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Aloe Vera Uses

Aloe Vera is a succulent plant like the cactus or Agave. It’s native to the Arabian peninsula. It grows in hot, dry climates all over the world.

Many scientific reports and the experience of millions of people prove that Aloe Vera is the plant that is “good for everything.”

For healing, the preservation, and restoration of health, for beauty care, for food, and household purposes. Industries and people use the gel of the plant for many conditions.

Aloe Vera Medical Uses

Aloe Vera contains 98.5% water and many numbers of nutrients. They are the ones we need to get from our diet to ensure the proper functioning of our body: vitamins, enzymes, minerals, proteins, hormones, essential amino acids, complex sugars. Of course, the cultivation conditions and the processing methods have to be taken into account, since they may represent different amounts of ingredients among the plants.

The anti-inflammatory and immune-stimulating effects have mostly confirmed by tests, as well as the accelerated healing of frostbite, burn, and wound.

The cosmetic industry extensively uses it in many products. It is an anti-inflammatory ingredient in beauty and personal care products.

Aloe Vera for medical ailments and prevention

Although there isn’t enough evidence on the efficacy of Aloe Vera for many of the conditions that people are using it for, however, in practical use, people, (including me) find it useful for treating inflammation.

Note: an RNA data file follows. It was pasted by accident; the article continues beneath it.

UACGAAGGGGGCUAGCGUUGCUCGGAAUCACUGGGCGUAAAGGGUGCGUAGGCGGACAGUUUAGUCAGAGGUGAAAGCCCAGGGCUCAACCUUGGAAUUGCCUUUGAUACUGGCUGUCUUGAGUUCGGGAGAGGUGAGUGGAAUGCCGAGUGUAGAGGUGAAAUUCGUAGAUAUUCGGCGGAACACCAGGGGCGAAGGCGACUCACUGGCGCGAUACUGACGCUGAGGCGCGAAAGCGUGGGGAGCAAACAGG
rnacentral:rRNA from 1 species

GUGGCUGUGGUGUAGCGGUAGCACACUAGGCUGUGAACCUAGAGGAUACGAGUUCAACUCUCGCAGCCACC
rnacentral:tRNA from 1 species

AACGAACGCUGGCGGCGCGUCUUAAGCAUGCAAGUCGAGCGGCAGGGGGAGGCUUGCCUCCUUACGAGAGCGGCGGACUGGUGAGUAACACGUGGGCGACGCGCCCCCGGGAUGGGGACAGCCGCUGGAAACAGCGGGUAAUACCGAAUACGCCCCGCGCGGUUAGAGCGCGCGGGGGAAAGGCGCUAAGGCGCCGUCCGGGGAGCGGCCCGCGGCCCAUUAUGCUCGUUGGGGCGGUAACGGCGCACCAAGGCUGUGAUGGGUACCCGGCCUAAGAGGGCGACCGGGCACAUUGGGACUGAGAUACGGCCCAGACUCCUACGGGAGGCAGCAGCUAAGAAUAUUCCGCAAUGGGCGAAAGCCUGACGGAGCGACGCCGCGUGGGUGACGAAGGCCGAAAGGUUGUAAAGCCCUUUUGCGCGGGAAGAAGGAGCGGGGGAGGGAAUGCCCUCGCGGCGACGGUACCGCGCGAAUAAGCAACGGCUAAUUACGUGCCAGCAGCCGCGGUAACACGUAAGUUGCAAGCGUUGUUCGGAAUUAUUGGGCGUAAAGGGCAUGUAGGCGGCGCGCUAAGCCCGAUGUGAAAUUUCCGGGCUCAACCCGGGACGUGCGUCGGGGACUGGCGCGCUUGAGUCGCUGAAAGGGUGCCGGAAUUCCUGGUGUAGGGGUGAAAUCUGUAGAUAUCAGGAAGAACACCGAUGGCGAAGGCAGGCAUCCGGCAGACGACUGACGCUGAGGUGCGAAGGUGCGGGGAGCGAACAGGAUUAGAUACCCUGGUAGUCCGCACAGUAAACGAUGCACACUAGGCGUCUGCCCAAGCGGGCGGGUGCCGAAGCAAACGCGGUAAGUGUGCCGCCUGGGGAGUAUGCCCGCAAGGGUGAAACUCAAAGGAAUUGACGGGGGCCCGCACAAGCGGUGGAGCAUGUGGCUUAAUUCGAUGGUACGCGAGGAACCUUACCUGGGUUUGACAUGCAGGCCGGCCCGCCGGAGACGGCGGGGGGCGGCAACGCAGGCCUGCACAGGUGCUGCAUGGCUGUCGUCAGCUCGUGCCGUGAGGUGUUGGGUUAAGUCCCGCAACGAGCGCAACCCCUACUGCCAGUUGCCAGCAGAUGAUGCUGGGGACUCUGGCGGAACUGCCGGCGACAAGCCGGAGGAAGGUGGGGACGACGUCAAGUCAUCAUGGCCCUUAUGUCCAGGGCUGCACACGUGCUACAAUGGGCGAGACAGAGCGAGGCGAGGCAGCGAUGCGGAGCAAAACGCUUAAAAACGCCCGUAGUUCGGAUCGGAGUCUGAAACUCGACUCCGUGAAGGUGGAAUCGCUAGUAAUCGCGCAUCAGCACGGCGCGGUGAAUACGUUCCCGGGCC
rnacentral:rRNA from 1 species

External use

People widely use the gel for minor skin conditions. When the gel applied to the skin, it’s effective for speeding up the healing of minor burns, abrasions, and scratches. Furthermore, it’s indeed valuable for soothing itchiness, redness, and swellings caused by insect bites. It does work for insect bites!

Aloe Vera possibly improves a large variety of skin conditions such as psoriasis, ulcers, acne, dandruff, cold sores, frostbite, and herpes.

Unknown to many, it can reduce gingivitis and remove dental plaque as well. Practically, it is used in toothpaste by major manufacturers.

Aloe Vera to drink

It is most probably safe when ingested in the form of a dietary gel or juice. The gel is safe to swallow if the aloin content of the product is less than 0.1 mg/kg (1 ppm). It doesn’t taste good and nor has a pleasing appearance, but people got used to it.

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Drinking the gel twice daily for a few weeks significantly improve the symptoms of gastric acidity, ulcer, constipation, heartburn, diverticulitis, and Irritable Bowel Syndrome.

It helps to remove accumulated chemicals and toxins from the intestine and carries away with the waste. It is cleaning the bowel, and therefore, vitamins and trace elements absorbed optimally.



Other uses:

  • Research suggests that taking aloe gel twice a day reduces body fat in overweight or obese people.
  • Possibly reduces blood sugar and improve cholesterol levels.
  • More recent studies show Aloe Vera may help prolong the survival time of cancer patients.
  • Aloe latex taken orally is a potent laxative. It is unsafe, possibly toxic if taken continuously and therefore, not in use anymore.

Contraindication: Don’t use in case of allergy to plants in the family of Liliaceae.

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